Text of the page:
Shain Shapiro, founder and CEO, Sound Diplomacy, Music Cities convention, consultant for the Mayor of London
Eddie Berg, Chief Executive, Rich Mix London, previously Chief Executive, FACT Centre in Liverpool

Moderator: Pärtel-Peeter Pere, CEO, Tendensor International

VENE KULTUURIKESKUS Chamber hall

12.30–13.30
Finest Sounds present: The Trials and Tribulations of the Japanese Music Market

Japan is the second largest music market in the world and the gateway to Asia. It’s also the most unique music market in the world. Our panelists will shed some light on how to break into this lucrative market and what the future holds for Japan.

Aya Ohi, General Manager of International Marketing & International Repertoire, JVCKENWOOD Victor Entertainment Corp
Takayuki Suzuki, EnterTech Accelerator of ParadeAll
Onta Shiroh Kawaguchi, Project Marketing, International PR of Creativeman Productions
Tomoyuki Ohsawa, founder, president, Office Ohsawa

Moderator: Sebastian Mair, President, Music Solutions

14.00–15.00
Forbidden songs: two amazing stories unfolded
The story of “Unsongs” by Moddi and the story of Laibach in North Korea.

When the Norwegian folk musician Moddi began collecting songs that had been banned or censored, he had no idea how much source material he would have to work with. Soon, it became apparent that there were hundreds, or even thousands of compositions for him to consider for his fourth album. The process resulted in Unsongs, a single album of 12 compositions from around the world that were suppressed or censored in one way or another, but it could have been unending.

Under the loving but firm guidance of an old fan turned director and cultural diplomat, and to the surprise of a whole world, the ex-Yugoslavian cult band Laibach became the first rock group ever to perform in the fortress state of North Korea. Confronting strict ideology and cultural differences, the band struggled to get their songs through the needle’s eye of censorship before they could be unleashed on an audience never before exposed to alternative rock’n’roll. Meanwhile, propaganda loudspeakers were being set up at the border between the two Koreas and a countdown to war was announced.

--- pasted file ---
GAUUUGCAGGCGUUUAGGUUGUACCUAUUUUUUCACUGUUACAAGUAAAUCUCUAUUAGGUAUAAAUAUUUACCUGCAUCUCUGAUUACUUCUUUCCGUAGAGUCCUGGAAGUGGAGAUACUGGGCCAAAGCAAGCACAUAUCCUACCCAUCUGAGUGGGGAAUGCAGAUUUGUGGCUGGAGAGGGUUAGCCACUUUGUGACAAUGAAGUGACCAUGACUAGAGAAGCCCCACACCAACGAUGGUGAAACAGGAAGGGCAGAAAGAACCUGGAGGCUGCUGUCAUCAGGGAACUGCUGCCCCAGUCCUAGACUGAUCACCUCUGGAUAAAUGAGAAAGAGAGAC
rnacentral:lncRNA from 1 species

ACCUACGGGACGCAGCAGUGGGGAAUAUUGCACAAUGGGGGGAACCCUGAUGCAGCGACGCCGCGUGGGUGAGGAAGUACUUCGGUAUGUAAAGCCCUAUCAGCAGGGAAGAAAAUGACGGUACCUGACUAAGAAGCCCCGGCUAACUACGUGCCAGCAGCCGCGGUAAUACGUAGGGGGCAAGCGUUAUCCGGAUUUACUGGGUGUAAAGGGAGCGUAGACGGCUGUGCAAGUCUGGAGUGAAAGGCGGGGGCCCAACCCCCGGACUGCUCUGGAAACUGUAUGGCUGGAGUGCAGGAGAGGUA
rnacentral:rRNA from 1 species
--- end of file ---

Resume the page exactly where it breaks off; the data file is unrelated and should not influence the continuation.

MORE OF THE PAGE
Pal Moddi Knutsen, Norwegian folk musician
Ivan Novak, member of Laibach

Moderator: Anna Hildur Hildibrandsdottir, Chair of European Music Export Exchange

15.15–16.15
Alexander Hacke & Danielle de Picciotto interviewed by John Robb

Renowned individually for their work in multimedia art and Einstürzende Neubauten respectively, Danielle de Picciotto and Alexander Hacke have been leading an adventurous, nomadic lifestyle together since 2010, motivated by a belief that “artists need to find new ways of working nowadays in order to upkeep integrity and autonomy”. International multi-media storytellers, avant noise artists and supersmart conceptualists Danielle and Alexander will share their views on life and art with a little help from the chief Membrane and Louder Than War boss John Robb.

16.30–17.30
Music and the moving pictures – can you hack the curation from the composers & artists side?

Music supervisors are the gatekeepers of the lucrative realm of placing music into film, ads and other forms of audiovisual content. Obviously, the best curation of music serves closely and carefully the needs of the visual context, giving just the right sounds, moods and messages by added songs. A piece of music placed in a successful film or a commercial can have many bounties for the authors and artists involved, money not the least of them. However, is it possible to be more visible, more readily found by a music supervisor? Is it being with the right publisher or synch agent, hacking it with some right hashtags on moods of the songs or simply knowing the right people? And in each case – how to go about it if you’re an artist and/or composer? Or is it inescapably you-don’t-find-us-we-find-you situation?

Cindy Kramer, Senior Manager Marketing & Creative Services International, BMG Scandinavia
Andrew Kahn, independent music supervisor, Good Ear Music Supervision
Ed Gerrard, co-founder of Impact Artist Management and Woodstock Artist Management

Moderator: Dan Koplowitz, owner of Friendly Fire Recordings

NORDIC HOTEL FORUM Capella

11.30–12.30
A scandalous model of success – is co-writing really the key to hits?